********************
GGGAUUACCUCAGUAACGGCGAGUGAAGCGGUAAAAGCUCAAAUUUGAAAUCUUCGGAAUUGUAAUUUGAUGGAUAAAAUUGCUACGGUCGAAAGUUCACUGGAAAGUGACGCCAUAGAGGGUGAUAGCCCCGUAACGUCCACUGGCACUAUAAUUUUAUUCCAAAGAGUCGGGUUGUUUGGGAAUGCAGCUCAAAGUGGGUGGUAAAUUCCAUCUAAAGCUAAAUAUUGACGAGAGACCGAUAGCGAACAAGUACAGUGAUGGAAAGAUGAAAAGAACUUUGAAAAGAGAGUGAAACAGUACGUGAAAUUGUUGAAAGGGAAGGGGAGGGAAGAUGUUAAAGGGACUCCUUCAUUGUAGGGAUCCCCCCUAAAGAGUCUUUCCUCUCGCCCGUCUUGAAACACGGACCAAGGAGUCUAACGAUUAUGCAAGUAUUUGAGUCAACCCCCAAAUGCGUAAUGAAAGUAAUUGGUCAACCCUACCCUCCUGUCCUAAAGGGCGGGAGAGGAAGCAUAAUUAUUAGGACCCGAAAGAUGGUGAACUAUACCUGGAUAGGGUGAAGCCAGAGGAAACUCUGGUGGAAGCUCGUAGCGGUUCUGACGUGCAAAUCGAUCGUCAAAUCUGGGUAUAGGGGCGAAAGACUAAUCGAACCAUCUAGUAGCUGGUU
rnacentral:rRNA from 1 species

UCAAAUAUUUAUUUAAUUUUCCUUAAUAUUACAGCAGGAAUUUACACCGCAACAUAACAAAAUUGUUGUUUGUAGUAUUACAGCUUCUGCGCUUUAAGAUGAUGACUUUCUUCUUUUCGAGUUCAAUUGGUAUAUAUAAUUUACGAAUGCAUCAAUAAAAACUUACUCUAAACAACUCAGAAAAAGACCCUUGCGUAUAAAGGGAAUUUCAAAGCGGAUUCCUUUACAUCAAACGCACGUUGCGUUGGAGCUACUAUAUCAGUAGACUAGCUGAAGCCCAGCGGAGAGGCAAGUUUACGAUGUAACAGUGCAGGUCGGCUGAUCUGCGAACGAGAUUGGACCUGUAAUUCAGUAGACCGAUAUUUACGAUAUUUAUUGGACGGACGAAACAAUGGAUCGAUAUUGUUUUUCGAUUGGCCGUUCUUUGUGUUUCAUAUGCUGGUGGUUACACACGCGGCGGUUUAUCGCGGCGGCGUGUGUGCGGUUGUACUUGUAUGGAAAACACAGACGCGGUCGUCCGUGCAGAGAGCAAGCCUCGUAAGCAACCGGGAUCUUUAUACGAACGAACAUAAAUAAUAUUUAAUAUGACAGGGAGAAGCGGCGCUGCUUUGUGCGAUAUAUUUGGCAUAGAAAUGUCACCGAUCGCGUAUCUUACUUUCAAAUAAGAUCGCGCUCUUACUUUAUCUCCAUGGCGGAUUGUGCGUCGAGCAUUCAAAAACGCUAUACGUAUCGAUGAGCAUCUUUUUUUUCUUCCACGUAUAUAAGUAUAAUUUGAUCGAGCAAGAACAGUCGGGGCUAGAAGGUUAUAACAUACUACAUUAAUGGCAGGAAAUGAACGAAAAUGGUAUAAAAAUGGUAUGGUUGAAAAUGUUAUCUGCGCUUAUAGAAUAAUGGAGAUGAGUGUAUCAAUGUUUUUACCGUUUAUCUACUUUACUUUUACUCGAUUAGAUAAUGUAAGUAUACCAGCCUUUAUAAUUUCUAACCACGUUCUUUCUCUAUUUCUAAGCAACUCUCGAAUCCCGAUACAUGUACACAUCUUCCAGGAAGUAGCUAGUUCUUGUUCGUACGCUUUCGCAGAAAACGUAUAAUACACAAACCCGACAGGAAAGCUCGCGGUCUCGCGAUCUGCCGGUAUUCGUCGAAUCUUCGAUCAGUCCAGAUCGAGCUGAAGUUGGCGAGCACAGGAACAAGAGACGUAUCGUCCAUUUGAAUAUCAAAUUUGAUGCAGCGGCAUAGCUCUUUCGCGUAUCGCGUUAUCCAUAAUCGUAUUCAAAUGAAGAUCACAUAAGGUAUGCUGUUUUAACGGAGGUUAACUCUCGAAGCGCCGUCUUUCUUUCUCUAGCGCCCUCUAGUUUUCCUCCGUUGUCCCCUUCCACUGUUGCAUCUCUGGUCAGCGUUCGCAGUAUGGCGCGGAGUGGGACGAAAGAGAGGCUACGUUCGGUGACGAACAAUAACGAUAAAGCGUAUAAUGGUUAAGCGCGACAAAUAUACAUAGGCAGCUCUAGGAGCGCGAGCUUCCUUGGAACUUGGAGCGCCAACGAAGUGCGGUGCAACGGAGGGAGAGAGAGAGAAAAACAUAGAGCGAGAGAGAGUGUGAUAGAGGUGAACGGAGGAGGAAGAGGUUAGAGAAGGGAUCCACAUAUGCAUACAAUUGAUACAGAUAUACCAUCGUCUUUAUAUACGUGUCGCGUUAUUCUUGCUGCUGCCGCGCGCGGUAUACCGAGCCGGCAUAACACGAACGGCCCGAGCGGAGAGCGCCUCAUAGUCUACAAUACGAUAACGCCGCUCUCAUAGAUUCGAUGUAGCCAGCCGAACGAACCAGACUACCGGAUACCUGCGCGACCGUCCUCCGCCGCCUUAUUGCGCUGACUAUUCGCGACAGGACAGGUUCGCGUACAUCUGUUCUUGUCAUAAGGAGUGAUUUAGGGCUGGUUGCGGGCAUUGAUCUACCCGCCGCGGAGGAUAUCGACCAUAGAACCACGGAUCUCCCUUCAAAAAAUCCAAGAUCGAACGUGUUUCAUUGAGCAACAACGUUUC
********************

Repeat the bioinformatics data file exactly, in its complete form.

GGGAUUACCUCAGUAACGGCGAGUGAAGCGGUAAAAGCUCAAAUUUGAAAUCUUCGGAAUUGUAAUUUGAUGGAUAAAAUUGCUACGGUCGAAAGUUCACUGGAAAGUGACGCCAUAGAGGGUGAUAGCCCCGUAACGUCCACUGGCACUAUAAUUUUAUUCCAAAGAGUCGGGUUGUUUGGGAAUGCAGCUCAAAGUGGGUGGUAAAUUCCAUCUAAAGCUAAAUAUUGACGAGAGACCGAUAGCGAACAAGUACAGUGAUGGAAAGAUGAAAAGAACUUUGAAAAGAGAGUGAAACAGUACGUGAAAUUGUUGAAAGGGAAGGGGAGGGAAGAUGUUAAAGGGACUCCUUCAUUGUAGGGAUCCCCCCUAAAGAGUCUUUCCUCUCGCCCGUCUUGAAACACGGACCAAGGAGUCUAACGAUUAUGCAAGUAUUUGAGUCAACCCCCAAAUGCGUAAUGAAAGUAAUUGGUCAACCCUACCCUCCUGUCCUAAAGGGCGGGAGAGGAAGCAUAAUUAUUAGGACCCGAAAGAUGGUGAACUAUACCUGGAUAGGGUGAAGCCAGAGGAAACUCUGGUGGAAGCUCGUAGCGGUUCUGACGUGCAAAUCGAUCGUCAAAUCUGGGUAUAGGGGCGAAAGACUAAUCGAACCAUCUAGUAGCUGGUU
rnacentral:rRNA from 1 species

UCAAAUAUUUAUUUAAUUUUCCUUAAUAUUACAGCAGGAAUUUACACCGCAACAUAACAAAAUUGUUGUUUGUAGUAUUACAGCUUCUGCGCUUUAAGAUGAUGACUUUCUUCUUUUCGAGUUCAAUUGGUAUAUAUAAUUUACGAAUGCAUCAAUAAAAACUUACUCUAAACAACUCAGAAAAAGACCCUUGCGUAUAAAGGGAAUUUCAAAGCGGAUUCCUUUACAUCAAACGCACGUUGCGUUGGAGCUACUAUAUCAGUAGACUAGCUGAAGCCCAGCGGAGAGGCAAGUUUACGAUGUAACAGUGCAGGUCGGCUGAUCUGCGAACGAGAUUGGACCUGUAAUUCAGUAGACCGAUAUUUACGAUAUUUAUUGGACGGACGAAACAAUGGAUCGAUAUUGUUUUUCGAUUGGCCGUUCUUUGUGUUUCAUAUGCUGGUGGUUACACACGCGGCGGUUUAUCGCGGCGGCGUGUGUGCGGUUGUACUUGUAUGGAAAACACAGACGCGGUCGUCCGUGCAGAGAGCAAGCCUCGUAAGCAACCGGGAUCUUUAUACGAACGAACAUAAAUAAUAUUUAAUAUGACAGGGAGAAGCGGCGCUGCUUUGUGCGAUAUAUUUGGCAUAGAAAUGUCACCGAUCGCGUAUCUUACUUUCAAAUAAGAUCGCGCUCUUACUUUAUCUCCAUGGCGGAUUGUGCGUCGAGCAUUCAAAAACGCUAUACGUAUCGAUGAGCAUCUUUUUUUUCUUCCACGUAUAUAAGUAUAAUUUGAUCGAGCAAGAACAGUCGGGGCUAGAAGGUUAUAACAUACUACAUUAAUGGCAGGAAAUGAACGAAAAUGGUAUAAAAAUGGUAUGGUUGAAAAUGUUAUCUGCGCUUAUAGAAUAAUGGAGAUGAGUGUAUCAAUGUUUUUACCGUUUAUCUACUUUACUUUUACUCGAUUAGAUAAUGUAAGUAUACCAGCCUUUAUAAUUUCUAACCACGUUCUUUCUCUAUUUCUAAGCAACUCUCGAAUCCCGAUACAUGUACACAUCUUCCAGGAAGUAGCUAGUUCUUGUUCGUACGCUUUCGCAGAAAACGUAUAAUACACAAACCCGACAGGAAAGCUCGCGGUCUCGCGAUCUGCCGGUAUUCGUCGAAUCUUCGAUCAGUCCAGAUCGAGCUGAAGUUGGCGAGCACAGGAACAAGAGACGUAUCGUCCAUUUGAAUAUCAAAUUUGAUGCAGCGGCAUAGCUCUUUCGCGUAUCGCGUUAUCCAUAAUCGUAUUCAAAUGAAGAUCACAUAAGGUAUGCUGUUUUAACGGAGGUUAACUCUCGAAGCGCCGUCUUUCUUUCUCUAGCGCCCUCUAGUUUUCCUCCGUUGUCCCCUUCCACUGUUGCAUCUCUGGUCAGCGUUCGCAGUAUGGCGCGGAGUGGGACGAAAGAGAGGCUACGUUCGGUGACGAACAAUAACGAUAAAGCGUAUAAUGGUUAAGCGCGACAAAUAUACAUAGGCAGCUCUAGGAGCGCGAGCUUCCUUGGAACUUGGAGCGCCAACGAAGUGCGGUGCAACGGAGGGAGAGAGAGAGAAAAACAUAGAGCGAGAGAGAGUGUGAUAGAGGUGAACGGAGGAGGAAGAGGUUAGAGAAGGGAUCCACAUAUGCAUACAAUUGAUACAGAUAUACCAUCGUCUUUAUAUACGUGUCGCGUUAUUCUUGCUGCUGCCGCGCGCGGUAUACCGAGCCGGCAUAACACGAACGGCCCGAGCGGAGAGCGCCUCAUAGUCUACAAUACGAUAACGCCGCUCUCAUAGAUUCGAUGUAGCCAGCCGAACGAACCAGACUACCGGAUACCUGCGCGACCGUCCUCCGCCGCCUUAUUGCGCUGACUAUUCGCGACAGGACAGGUUCGCGUACAUCUGUUCUUGUCAUAAGGAGUGAUUUAGGGCUGGUUGCGGGCAUUGAUCUACCCGCCGCGGAGGAUAUCGACCAUAGAACCACGGAUCUCCCUUCAAAAAAUCCAAGAUCGAACGUGUUUCAUUGAGCAACAACGUUUC